Various chemical agents have been used in toothpastes and mouth rinses and a few have been shown to reduce dental plaque formation [5, 6]. Due to an increased awareness of indigenous medical practices in various parts of the world, the use of “herbal” medicine has engendered interest and facilitated the growth of complementary and alternative therapies in health care promotion. Herbal ingredients have been present in oral care products, more commonly in South Asian countries, for some time [7,8,9]. The most common herbal ingredients to be incorporated into oral care products (e.g., toothpaste and mouth rinse) are sanguinarine, propolis, Azadirachta indica (neem), charcoal, clove, and miswak [10]. In the rural regions of South Asian countries, use of natural products like neem twigs, charcoal powder, and others have been an important part of regular oral hygiene practice for centuries. Many of the herbal or plant extracts have been promoted as possessing anti-inflammatory, antipyretic, analgesic, antibacterial, antiviral, anticarcinogenic and antioxidant activities by means of in vitro, in vivo, and animal studies [10, 11].

Based on these observations, several oral care product manufacturers and multinational companies have incorporated herbal ingredients into their products. Manufacturers of these products use a wide range of herbal ingredients which they claim mimic the benefits of traditional toothpastes - the ability to fight plaque, freshen breath and prevent gum disease. The tendency to “go natural” has fuelled an increase in demand for such products by consumers with many apparently opting for them because they are not tested on animals, carry no side effects, use no animal products, are vegan friendly, contains no added artificial colours or flavours, and for cultural reasons. In some regions, sale of herbal products outnumbers fluoride-based toothpastes [12] .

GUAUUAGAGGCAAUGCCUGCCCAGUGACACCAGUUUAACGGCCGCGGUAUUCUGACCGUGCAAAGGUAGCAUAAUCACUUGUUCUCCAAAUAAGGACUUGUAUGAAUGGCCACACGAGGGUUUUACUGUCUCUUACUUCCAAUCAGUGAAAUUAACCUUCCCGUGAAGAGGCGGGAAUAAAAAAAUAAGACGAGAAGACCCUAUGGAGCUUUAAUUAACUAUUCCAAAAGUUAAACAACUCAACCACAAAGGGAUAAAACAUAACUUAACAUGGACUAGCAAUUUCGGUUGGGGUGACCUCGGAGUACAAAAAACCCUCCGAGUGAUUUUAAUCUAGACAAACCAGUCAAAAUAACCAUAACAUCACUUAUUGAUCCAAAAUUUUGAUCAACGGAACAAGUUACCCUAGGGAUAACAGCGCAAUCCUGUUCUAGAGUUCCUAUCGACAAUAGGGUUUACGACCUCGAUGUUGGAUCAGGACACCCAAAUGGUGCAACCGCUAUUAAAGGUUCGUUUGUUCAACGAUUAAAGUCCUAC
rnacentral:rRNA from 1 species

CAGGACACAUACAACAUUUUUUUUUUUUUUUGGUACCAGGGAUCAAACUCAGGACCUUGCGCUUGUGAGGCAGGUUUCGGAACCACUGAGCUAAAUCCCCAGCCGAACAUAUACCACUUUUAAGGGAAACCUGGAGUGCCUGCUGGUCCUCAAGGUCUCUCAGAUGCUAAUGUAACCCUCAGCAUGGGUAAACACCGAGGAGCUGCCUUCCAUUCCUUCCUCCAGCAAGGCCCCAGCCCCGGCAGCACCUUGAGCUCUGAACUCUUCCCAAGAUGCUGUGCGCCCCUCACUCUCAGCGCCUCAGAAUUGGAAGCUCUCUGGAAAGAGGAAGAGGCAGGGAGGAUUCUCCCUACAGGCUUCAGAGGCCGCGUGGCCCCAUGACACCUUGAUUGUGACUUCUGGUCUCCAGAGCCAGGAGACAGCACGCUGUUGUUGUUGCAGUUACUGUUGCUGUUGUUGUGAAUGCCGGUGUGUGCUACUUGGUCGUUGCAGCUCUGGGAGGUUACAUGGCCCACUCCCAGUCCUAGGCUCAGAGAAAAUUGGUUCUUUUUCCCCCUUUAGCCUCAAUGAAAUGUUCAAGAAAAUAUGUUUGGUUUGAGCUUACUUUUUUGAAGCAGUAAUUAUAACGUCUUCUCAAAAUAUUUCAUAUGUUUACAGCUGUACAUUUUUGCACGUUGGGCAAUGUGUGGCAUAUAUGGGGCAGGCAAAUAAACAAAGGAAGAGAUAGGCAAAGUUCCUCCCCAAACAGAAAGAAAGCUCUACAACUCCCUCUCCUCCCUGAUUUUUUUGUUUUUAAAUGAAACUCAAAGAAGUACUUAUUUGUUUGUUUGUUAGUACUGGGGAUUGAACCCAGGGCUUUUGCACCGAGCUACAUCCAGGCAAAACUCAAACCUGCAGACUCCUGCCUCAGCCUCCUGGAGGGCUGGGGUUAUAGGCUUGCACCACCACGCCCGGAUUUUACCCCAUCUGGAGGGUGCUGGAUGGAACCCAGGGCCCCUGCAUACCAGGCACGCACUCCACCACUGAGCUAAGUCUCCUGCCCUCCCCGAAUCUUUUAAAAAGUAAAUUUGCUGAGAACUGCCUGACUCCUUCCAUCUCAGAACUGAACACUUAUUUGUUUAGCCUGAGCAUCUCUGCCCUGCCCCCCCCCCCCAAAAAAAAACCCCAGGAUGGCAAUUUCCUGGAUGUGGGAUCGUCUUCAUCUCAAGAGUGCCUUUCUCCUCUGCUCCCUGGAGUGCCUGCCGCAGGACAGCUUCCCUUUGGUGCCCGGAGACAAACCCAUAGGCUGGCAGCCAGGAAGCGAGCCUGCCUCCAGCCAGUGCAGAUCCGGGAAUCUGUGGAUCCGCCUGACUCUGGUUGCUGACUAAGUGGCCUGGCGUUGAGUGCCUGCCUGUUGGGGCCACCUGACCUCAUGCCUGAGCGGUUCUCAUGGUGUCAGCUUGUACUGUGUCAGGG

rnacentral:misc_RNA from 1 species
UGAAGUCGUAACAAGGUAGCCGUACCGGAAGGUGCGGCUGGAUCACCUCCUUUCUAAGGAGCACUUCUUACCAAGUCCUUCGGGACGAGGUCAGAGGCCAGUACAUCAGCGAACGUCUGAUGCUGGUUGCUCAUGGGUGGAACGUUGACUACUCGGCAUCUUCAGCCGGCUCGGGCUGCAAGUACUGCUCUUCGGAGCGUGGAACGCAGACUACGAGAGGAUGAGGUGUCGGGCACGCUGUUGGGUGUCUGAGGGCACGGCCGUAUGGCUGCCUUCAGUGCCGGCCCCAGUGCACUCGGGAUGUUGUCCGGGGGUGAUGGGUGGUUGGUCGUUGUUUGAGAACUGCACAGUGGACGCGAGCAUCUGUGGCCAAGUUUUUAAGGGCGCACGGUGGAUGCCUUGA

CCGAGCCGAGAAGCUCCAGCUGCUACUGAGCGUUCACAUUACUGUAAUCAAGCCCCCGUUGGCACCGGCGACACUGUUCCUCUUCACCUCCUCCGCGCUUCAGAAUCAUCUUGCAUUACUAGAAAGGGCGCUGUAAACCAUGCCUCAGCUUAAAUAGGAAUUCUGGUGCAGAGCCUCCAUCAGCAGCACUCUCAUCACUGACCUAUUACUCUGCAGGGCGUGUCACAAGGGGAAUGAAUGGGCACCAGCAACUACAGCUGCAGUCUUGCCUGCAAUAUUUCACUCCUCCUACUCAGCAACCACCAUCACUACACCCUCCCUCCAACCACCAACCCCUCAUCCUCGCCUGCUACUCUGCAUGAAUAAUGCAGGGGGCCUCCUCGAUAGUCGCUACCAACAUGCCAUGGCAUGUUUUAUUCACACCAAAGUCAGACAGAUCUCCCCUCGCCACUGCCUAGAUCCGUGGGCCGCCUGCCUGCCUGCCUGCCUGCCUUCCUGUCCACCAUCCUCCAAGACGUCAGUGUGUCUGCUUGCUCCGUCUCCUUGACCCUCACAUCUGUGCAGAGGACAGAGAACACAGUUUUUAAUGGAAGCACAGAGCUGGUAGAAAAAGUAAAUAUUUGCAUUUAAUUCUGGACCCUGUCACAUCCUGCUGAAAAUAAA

Comparison between herbal and conventional oral care products for the reduction of dental plaque or gingivitis were tested in clinical trials. Despite the large number of trials conducted, results are conflicting and inconclusive. Some of these products were approved by dental associations in some countries. Existing literature reviews are primarily narrative or based on single herbal ingredient (e.g., Aloe vera) in mouth rinse or toothpaste [13,14,15,16]. There is not a single, comprehensive systematic review which synthesized the current evidence for assessing effectiveness in reducing dental plaque and gingivitis using herbal oral care products such as herbal toothpaste (HTP) and herbal mouth rinse (HMR). Therefore, the objective of this study is to systematically assess the literature and quantitatively measure the effectiveness of herbal toothpaste and mouth rinse compared to conventional over the counter (OTC) products in reducing dental plaque and gingival inflammation in adults.